Take a look at the RF spectrum as is allocated by the FCC. You can find it in most radio books and all over the Internet. How much spectrum does “radiolocation” need? Yes, this is radar and the like but I really think of what is listed as “radiolocation” is either unoccupied or being saved for government use. Why not share some of that underused spectrum? There is a whole bunch of it around 3 GHz. along with lots of other places.

More importantly, why do we, the broadcasters have to keeping making concessions for the cellular and broadband people, other than money talks and they have lots of it?


Do you know why the cellular people and broadband people have so much money to bully the FCC around and the broadcasters and CATV people have so little?

The reason is because, while we are certainly in the business of making money, we are also community servants. Right now, as I write this, we are under a tornado warning and severe storm warnings in Iowa. The local radio stations are tracking the storms and I am listening to them do live coverage. What broadcast is doing is using their licensed facilities to keep people safe and save lives.

On the other hand, the cellular people do very little of that, they just rake in money to provide a telephone and an Internet service that works ”some of the time.” Sure they send out alerts. I have two cellular phones from two different carriers. I hear severe weather alerts on local radio or television as NOAA trips the EAS system.


Anywhere between 10 and 30 minutes later, severe weather might trip one or both of my cell phones.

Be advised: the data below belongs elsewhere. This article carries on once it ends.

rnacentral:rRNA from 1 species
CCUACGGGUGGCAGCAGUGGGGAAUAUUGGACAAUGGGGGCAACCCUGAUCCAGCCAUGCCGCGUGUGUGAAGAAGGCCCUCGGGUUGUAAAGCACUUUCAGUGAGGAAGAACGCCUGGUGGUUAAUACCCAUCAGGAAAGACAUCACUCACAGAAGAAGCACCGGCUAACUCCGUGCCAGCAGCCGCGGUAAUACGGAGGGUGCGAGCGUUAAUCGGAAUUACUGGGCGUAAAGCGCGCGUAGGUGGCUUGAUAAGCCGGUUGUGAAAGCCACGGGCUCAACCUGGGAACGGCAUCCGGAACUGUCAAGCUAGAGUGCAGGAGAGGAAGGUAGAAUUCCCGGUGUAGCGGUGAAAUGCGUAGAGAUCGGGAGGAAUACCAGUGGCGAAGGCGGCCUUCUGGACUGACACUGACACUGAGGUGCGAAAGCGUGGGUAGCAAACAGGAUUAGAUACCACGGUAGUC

By then, the storm has passed, or I might have been sucked up in a tornado I did not know about, or the Amber Alert child is three states away.

Neither the cell phones nor the Internet even come close to what the broadcasters provide in their communities. Unlike the cell companies or the broadband providers, the broadcasters will do whatever is necessary to keep the public informed in an emergency - Stations operating from their transmitter sites when the studio was leveled by a tornado or AM’ers stringing up long wires when their tower is toppled - Local radio and television will be there when the public needs them.


Have you ever tried to use the Internet or cell service for a program link?

Yes, both radio and television do but it is no match for the reliability or quality you get from a satellite. A few of the stations that I deal with have given up carrying some college football teams because the provider went off the bird and onto the Internet and it just is not reliable.

The Internet and cell phones are nice but as toys. But if I need to make an important call, I will always go to a landline, it sounds good and I will nott lose the call.

Maybe, rather than give the cell and broadband more spectrum, the Commission should require that they make what they have work and not keep reducing the sample rate of the calls to make more money by squeezing more calls onto each RF carrier.


So, my message to the FCC: maybe you should look at less used spectrum for the broadband people.

Take it away from somewhere else. You have taken our TV ENG channels, our over-the-air TV channels, and have had your eyes set on our UHF RPU frequencies. And now, our you are focusing on the major source of programming outside the studio, C-Band. We are doing our damned best to serve the people of our communities, over the air, commercial or non-commercial, in spite of the big money trying to make us stop watching free TV or listen to free radio and keep us safe.

I think it is time for the FCC to wake up and smell the coffee!!       

Ron Schacht
Contract Engineer - Northcentral Iowa and Southcentral, MN